BrightPay is a simple but powerful payroll software package that makes managing payroll quick and easy. It's designed for small to medium sized businesses, accountants and other payroll bureau providers.
BrightPay has everything you need to manage payroll. It just works. It's easy to learn and use. It looks great. It's priced fairly with no hidden costs. Phone and email support is 100% free.
When payroll gets complicated, BrightPay makes it simple. It has been built from scratch with a continual awareness of elegant, clutter-free user interface design. You'll feel right at home.
If we were to list all of the payroll software features offered by BrightPay here, you'd have a lot of scrolling to do. Rest assured that it delivers it all, and delivers it well.
Our payroll software does not set a limit on the number of employees you can add to your payroll. And there are no confusing price brackets that depend on the number of employees you have.
The Bureau version of BrightPay is the perfect way to manage payroll for several employers. There is no limit on the number that can be set up and no confusing pricing structures.
Starters, leaves, year end, and Revenue payments. BrightPay will guide you through the process of creating ROS compatible P45, P46, P45 Part 3, P35 and P30 files.
In BrightPay, any employee (or group of employees) can be individually reverted back or progressed forward in the payroll year at any time. It's super flexible yet safe and simple.
Payslips can be emailed or exported to PDF at the click of a button. They can also be printed on A4 or A5 paper (blank or Thesaurus stationery). Handy customisation options let you do what you need.
As you enter payments, additions and deductions for your employees, a live payslip preview will automatically update to show you the calculated payslip values quickly and clearly.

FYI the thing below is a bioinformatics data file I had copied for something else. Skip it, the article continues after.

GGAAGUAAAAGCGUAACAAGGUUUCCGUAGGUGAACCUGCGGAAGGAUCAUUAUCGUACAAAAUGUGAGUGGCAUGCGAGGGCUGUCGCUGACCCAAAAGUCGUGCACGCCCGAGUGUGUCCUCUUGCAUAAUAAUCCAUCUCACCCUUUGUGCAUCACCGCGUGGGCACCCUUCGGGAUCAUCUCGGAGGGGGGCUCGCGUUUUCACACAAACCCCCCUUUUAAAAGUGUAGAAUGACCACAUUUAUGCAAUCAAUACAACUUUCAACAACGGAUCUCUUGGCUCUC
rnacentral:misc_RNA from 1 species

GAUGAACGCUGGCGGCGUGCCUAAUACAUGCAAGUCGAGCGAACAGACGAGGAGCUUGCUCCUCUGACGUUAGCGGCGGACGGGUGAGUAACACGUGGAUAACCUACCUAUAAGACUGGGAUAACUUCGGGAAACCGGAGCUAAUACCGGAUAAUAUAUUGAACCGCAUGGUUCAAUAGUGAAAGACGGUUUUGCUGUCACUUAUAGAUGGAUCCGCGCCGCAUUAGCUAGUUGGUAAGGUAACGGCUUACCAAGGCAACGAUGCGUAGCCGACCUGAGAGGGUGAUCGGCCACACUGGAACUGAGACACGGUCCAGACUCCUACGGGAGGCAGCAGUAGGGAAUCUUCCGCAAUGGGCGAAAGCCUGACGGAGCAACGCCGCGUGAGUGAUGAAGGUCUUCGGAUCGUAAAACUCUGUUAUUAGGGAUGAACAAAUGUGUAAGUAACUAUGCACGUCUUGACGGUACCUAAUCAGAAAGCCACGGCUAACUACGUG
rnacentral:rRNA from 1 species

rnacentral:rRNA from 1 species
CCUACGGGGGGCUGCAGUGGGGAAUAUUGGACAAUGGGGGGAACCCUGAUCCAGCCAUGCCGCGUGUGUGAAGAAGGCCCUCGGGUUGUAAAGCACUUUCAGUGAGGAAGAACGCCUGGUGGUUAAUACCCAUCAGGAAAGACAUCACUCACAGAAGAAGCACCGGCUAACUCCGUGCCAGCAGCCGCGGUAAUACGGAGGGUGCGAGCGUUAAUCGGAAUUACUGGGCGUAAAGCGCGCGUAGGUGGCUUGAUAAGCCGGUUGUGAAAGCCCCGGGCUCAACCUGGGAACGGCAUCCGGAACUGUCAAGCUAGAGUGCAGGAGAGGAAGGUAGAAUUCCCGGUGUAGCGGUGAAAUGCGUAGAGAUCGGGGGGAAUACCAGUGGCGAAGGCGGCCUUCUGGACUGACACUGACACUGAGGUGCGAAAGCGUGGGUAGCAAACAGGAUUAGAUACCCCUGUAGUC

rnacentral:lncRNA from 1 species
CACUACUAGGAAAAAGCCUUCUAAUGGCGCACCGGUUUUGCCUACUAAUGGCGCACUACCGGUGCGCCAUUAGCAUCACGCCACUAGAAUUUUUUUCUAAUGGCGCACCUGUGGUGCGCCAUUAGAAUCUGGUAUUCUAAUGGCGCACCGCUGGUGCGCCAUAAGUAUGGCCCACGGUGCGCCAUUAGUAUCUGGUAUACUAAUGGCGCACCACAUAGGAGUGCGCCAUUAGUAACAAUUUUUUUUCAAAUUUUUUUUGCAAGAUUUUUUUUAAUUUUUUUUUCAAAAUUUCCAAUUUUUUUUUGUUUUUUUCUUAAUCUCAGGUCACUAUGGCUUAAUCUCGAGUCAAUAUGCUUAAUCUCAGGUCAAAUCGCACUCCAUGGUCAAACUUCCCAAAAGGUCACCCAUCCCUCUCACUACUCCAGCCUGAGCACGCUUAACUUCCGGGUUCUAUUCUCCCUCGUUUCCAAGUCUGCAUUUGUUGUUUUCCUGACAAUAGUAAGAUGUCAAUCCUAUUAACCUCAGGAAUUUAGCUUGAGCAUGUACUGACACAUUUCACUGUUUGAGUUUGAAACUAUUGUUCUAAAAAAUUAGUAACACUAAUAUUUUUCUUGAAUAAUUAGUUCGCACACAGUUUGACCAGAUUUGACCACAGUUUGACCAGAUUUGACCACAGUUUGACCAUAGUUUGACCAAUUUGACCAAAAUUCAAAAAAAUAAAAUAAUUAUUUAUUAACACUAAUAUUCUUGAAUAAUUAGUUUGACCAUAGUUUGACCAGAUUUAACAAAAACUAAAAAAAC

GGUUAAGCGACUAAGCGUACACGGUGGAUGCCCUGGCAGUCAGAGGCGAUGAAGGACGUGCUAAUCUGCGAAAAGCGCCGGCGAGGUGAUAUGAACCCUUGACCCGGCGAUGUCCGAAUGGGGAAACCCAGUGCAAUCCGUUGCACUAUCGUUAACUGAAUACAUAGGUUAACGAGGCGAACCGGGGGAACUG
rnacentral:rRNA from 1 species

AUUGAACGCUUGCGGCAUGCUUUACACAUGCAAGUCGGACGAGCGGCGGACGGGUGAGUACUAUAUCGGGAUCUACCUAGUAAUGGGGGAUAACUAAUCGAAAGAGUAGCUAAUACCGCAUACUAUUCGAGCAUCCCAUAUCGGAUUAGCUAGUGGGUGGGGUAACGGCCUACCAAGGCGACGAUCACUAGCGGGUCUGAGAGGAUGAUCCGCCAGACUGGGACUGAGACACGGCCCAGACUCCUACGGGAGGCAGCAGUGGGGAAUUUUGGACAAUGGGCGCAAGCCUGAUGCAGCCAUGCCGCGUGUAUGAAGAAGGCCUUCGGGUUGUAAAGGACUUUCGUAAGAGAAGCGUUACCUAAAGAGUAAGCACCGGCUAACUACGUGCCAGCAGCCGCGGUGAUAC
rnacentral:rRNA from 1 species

BrightPay supports weekly, fortnightly, 4-weekly and monthly payroll. The payroll screen gives a clear overview of all periods together and any period can be quickly accessed with one click.
Is an employee starting or leaving? Has an employee recently turned 66? BrightPay will let you know what is happening when and remind you what to do.
Each employer set up in BrightPay requires a password to save and open. The payroll software stops you from performing actions which would invalidate or corrupt your payroll data.
Our payroll software allows you to recall, view and analyse all your payroll data. Multiple reports can be opened together, saved or favourited, exported in popular formats, and printed.
The minimum wage is the lowest rate of pay that employers can legally pay to workers. Presently in Ireland the minimum wage stands at €8.65 per hour (apart from exceptions for apprentices etc.). However a low pay commission group is to be established and is expected to recommend an increase of €0.50 per hour. The commission is likely to be modelled on a similar body in the UK, which has employer and trade union representatives. Tánaiste Joan Burton said the minimum wage needs to be kept under constant review due to cost of living increases.
Employers’ groups such as Ibec and business groups such as the restaurant sector are strongly opposed any increase in the minimum wage and believe that any increase will inevitably lead to job losses and risk the economy’s fragile recovery. “There is no justifiable economic argument for imposing a 6% increase on SMEs when inflation is practically zero,” ISME’s Mark Fielding said. The Small Firms Association called on the government to reject the proposals, and freeze the minimum wage for the next three years.
Meanwhile the Unite trade union expressed its disappointment believing the proposed rise does not go far enough in its submission to the commission, it had sought a €1 increase.
The Living Wage
A living wage is based on the amount an individual needs to earn to cover the basic costs of living. A coalition of groups says this is about €11.45 an hour, significantly above the minimum wage of €8.65 an hour. Earnings below the living wage suggest employees are forced to do without certain essentials so they can make ends-meet. Ms Burton has encouraged employers to commit to paying a “living wage” to their employees. She has that this will benefit society by giving lower paid workers more spending power and reducing reliance on social welfare. However Ms Burton said the move towards a living wage should initially be on a voluntary basis, rather than a legally enforceable level of pay like the national minimum wage. In recent days Ikea in Ballymun announced that it will be introducing the living wage for all Irish and UK employees. Ms Burton has said “If people get a living wage, they have more spending power, more financial independence and can move away from welfare dependency. It benefits the family and the exchequer.”